(Utah Governor’s Office)

There is a case pending in the Supreme Court right now that has some bearing on the Utah situation. It doesn’t involve teenagers, but it is all about regulation of the Internet. Texas enacted a law in 2021 that bars Internet companies over a certain size from removing a user from their websites for expressing a viewpoint, no matter how strenuously citizens may object. A federal appeals court upheld the law, and the high court has let it stand pending a final decision. On the one hand, the Texas law is an endorsement of free Internet speech, and that might work against Utah-style policing. On the other hand, the appeals court essentially said the state could do what it wanted. And the decisions don’t necessarily predict what the high court would do when teens are involved.

Actually, there is a federal law on the subject, and it has been there for a quarter century. The Children’s Online Privacy Protection Act of 1998 requires Internet providers to make sure they are not interfering with the privacy of young users, and imposes penalties of $50,000 per violation if they are caught doing it. But not many offenders have been punished, and most crucially, the law applies only to children under 13. So it isn’t a great deal of help with the current problem.

The other major issue for the Utah law is whether it is enforceable. A provision asking teens to verify their age is vulnerable to all sorts of subterfuge. Users can lie about their ages. They can forge parental signatures. Even if a legitimate adult permission slip exists, how does the company know that it came from the actual parent or guardian? It may be possible to plug these loopholes, but nothing in the Utah law as enacted provides any guidance to the process of closing them.

IT MAY BE, AS LEANA WEN AND OTHERS WARN US, that social media are a threat to teenage well-being and societal cohesion unlike any form of communication that has existed before. But it is only fair to point out that we have faced warnings of this kind in generation after generation. Consider the years after World War II, seen by many people as an epoch of order and stability.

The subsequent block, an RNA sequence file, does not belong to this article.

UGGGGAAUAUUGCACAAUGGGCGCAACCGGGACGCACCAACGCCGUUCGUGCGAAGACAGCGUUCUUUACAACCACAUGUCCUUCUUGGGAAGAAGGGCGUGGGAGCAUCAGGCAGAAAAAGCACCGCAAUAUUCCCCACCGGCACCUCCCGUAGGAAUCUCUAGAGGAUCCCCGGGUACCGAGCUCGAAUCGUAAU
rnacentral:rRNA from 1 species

J. Edgar Hoover, the FBI director and the nation’s leading law enforcement official, began zeroing in on teenage pathology in 1948, when he lamented that teenagers were enmeshed in “the dreaded maze of delinquency and disease, of reformatory and prison, or if they are not apprehended, of maiming and plundering.” Four years later, he warned that “the nation can expect an appalling increase in the number of crimes that will be committed by teenagers in the years ahead.”

Not only were teenagers in trouble, Hoover and others believed, but new forms of media were branded as the culprit. Although it may be hard to believe, what they saw as the primary culprit was comic books. In 1954, the psychiatrist Fredric Wertham published Seduction of the Innocent, a hysterical warning that comic books were the source of an increase in vicious behavior among adolescents. He denounced comics as “short courses in murder, mayhem, robbery, rape ... and virtually every other form of crime, degeneracy, bestiality and horror.”

The important point is not that these jeremiads were silly. The important point is that millions of Americans accepted them. Even so, they had little appreciable effect on the products: Batman and the Incredible Hulk stayed on the newsstand racks, and there was no appreciable spike in teenage mayhem.

In order to join the Utah movement for teen media regulation, we need to convince ourselves that the dangers of adolescent Internet use are qualitatively different from the dangers we have conjured up in the past. Maybe they are. Back in 2018, the social critic Derek Thompson made a compelling point about the insidious quality of teenage media use. “It was once sufficient to look good in a high school hallway,” Thompson recalled, “but today, Snapchat, Facebook and Instagram are high school hallways, where young people perform and see performances, judge and are judged.” The implication is that this revolution in teen media use is the primary source of the anxiety, depression and self-destructive behavior that adolescents are currently experiencing.

So we generate regulatory regimes like the one that Utah has started. I sympathize with the idea, but based on past results, I have to question how much the environment will really change. We have passed a host of laws prohibiting young people from drinking alcohol until they are 21, and all of us know that underage drinking is ubiquitous in this country. When millions of people are determined to break a law, they usually find a way to break it. Maybe social media will turn out to be different. But history seems to suggest otherwise.
Alan Ehrenhalt is a contributing editor for Governing. He served for 19 years as executive editor of Governing Magazine. He can be reached at